Much like in the models, custom collections methods will probbly not want to return a value. Insted they should populate out the data where they live. See the next section for an example that'll probably make more sense.

Using the MySQL Collection

Much like the MySQL model that's included with Modler, there's also a simple MySQL collection. Mostly it's a convenience method for getting data and making it eaier to load into the database. As seen in the example below (findColorsByType), you can easily push the results of a query into a set of objects and add them to the collection. Here's an example:

<?php

class UserCollection extends \Modler\Collection\Mysql
{
    public function findUsersByType($type)
    {
        $sql = 'select username from users where type = :type';
        $results = $this->fetch($sql, array('type' => $type));

        foreach ($results as $result) {
            $user = new Usermodel($this->getDb(), $result);
            $this->add($user);
        }
    }
}

?>

You'll then have a set of UserModel objects that match the type you've queried for. Note that the query handling uses bound parameters/prepared statements for execution.

Combining them

Lets combine them using the relations the models offer and populate a collection:

<?php

class HatsCollection extends \Modler\Collection
{
    public function findColorsByType($type)
    {
        foreach ($results as $result) {
            $color = new \Modler\Color($result);
            $this->add($color);
        }
    }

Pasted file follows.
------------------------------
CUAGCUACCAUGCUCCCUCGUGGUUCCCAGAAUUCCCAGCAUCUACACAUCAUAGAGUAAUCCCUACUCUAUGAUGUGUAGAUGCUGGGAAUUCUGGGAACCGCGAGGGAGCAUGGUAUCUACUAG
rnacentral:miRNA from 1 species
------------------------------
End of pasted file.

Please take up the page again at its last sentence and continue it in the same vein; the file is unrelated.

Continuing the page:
}

class HatModel extends \Modler\Model
{
    protected $properties = array(
        'type' => array(
            'description' => 'Hat Type',
            'type' => 'varchar'
        ),
        'colors' => array(
            'description' => 'Hat Colors',
            'type' => 'relation',
            'relation' => array(
                'model' => '\\Modler\\HatsCollection',
                'method' => 'findColorsByType',
                'local' => 'type'
            )
        )
    );
}

$hat = new HatModel();
$hat->type = 'toque';

// This returns a Hats Collection with the data populated
$colors = $hat->colors;

?>

Now when we access the $hat->colors property, we'll get back an instance in $colors of the HatsCollection with the data loaded. You can then use it just like a normal collection and use toArray on it to get the contents.

Filtering

Collections also allow you to do some basic filtering based on custom logic. You can use the filter method to to a pass/fail check on the data and add/remove things from the collection. Here's an example:

<?php

$this->collection->add(array('foo' => 'bar'));
$this->collection->add(array('baz' => 'test'));

$filtered = $this->collection->filter(function($value) {
    return (isset($value['foo']));
});

print_r($filtered);

?>

In this case, we're checking to see if the foo array key is set. It's only set in the one case (with the value of "bar") so the resulting collection in filtered will only contain this one element. The callable function you pass in should take one parameter, the value, and should return a boolean for the pass/fail status of the check. Values cannot be modified through this method.

Slicing

You can also get portions of the collection data without having to export it all using toArray and working with it there. The slice method makes it easy to get just the portion of the data you want. The first parameter is the start index and the second (optional) is how many items to return. It works using the array_slice function.

<?php

$this->collection->add('foo');
$this->collection->add('bar');
$this->collection->add('baz');
$this->collection->add('test');

// This will return: array('bar', 'baz', 'test')
$sliced = $this->collection->slice(1);

// This will return: array('baz')
$sliced = $this->collection->slice(2, 1);

?>
```

### Guarding and Array Filtering

`Modler` also includes two other concepts around the contents of the model data: guarding and filtering (not the same as the `filter` method above).